“When any of us goes to buy a computer or a car, we don’t buy based on price,” Yost said. “We buy them based on value. If we based them on price, all of us would be driving Yugos, and we don’t. So when people go to spend the most money in their lives, which is for their home, they never think if it as a performance item.”
Home buyers may look at how close it is to the nearest fire hydrant, the cost per square foot or whether there’s a “bonus room” over the garage,” Yost said. “We never have people going to a car dealer and saying, ‘Can you tell me how much your car costs per pound, because I want the most mass for my dollar.’ No one does that; They think of the automobile as a performance item. One way to have us turn our industry around is to have us work on educating consumer about fact that if anything, their home is a performance item. And we’re starting to do that.”
A Pennsylvania home builder, for example, hands prospective home buyers an infra-red camera when they show up at one of their model homes. “It’s going to let you look into the walls,” the visitors are told, and then sent off to inspect the house for themselves. “When they come back they probably haven’t asked for the distance to the hydrant, they’re totally tuned into how that building worked.”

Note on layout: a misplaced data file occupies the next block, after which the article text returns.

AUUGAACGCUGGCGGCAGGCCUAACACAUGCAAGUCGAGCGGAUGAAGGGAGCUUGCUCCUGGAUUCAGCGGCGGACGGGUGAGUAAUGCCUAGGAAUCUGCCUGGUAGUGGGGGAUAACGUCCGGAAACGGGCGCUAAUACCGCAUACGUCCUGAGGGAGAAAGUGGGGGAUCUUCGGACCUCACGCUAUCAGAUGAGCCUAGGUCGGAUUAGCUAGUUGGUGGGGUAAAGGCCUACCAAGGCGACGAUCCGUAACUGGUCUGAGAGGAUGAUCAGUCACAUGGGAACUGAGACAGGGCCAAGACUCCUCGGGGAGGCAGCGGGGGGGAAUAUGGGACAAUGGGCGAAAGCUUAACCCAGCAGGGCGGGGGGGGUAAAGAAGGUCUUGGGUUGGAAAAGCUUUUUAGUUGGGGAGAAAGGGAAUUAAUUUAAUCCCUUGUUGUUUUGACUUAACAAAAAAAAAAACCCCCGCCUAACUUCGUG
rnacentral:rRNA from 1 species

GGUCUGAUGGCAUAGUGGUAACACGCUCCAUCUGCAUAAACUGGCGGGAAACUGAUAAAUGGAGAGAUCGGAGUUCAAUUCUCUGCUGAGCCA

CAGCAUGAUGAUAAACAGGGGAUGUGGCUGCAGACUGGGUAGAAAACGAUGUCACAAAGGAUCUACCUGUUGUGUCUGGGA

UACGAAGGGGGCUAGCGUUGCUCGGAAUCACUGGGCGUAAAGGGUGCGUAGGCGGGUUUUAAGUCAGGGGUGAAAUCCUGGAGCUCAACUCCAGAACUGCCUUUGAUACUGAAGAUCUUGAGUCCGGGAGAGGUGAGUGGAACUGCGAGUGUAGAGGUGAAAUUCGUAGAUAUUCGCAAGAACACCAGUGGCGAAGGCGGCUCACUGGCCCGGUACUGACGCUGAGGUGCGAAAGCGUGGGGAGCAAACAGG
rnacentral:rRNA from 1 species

Turning the conversation around to how buildings perform is going to take some public education, said Yost. The result will be sorting out engineers, architects and buildings who truly understand better how buildings work, and constructing ones that perform better.
“When we change that conversation, people are going to be stumbling over themselves to find builders, energy auditors, remodelers and architects that understand the difference between the two,” said Yost.
Attracted by the possibilities, attendants at Wednesday’s networking session stopped at booths of Victory Energy Solutions, energy management programs offered by GCC and Mount Wachusett Community College, Northeast Sustainable Energy Association and other offerings to learn about the growing field of green.
Kathleen Capuras, Green Careers Coach at Franklin-Hampshire Employment and Training Board said 44 people have found jobs in the field as a result of federally funded training in the program’s two years, primarily in doing energy audits and weatherization and training other workers for that work.
“What’s really driving movement, has been and will continue to be in contracts with utilities for energy efficiency work,” Capuras said. “There’s a little bit of solar going on here,” but not a lot of hiring for installers, since most large-scale solar installations are being done large businesses from outside the area.
But Capuras added, “Even though building construction is down, because of the (state) Green Communities Act we have a lot of incentives for people to put additions onto their houses that have renewable technologies, or to weatherize their houses. That’s what’s really driving a lot of the market around here.”
On the Web: http://web.gcc.mass.edu/renewable-energy/
You can reach Richie Davis at:
or 413-772-0261, Ext. 269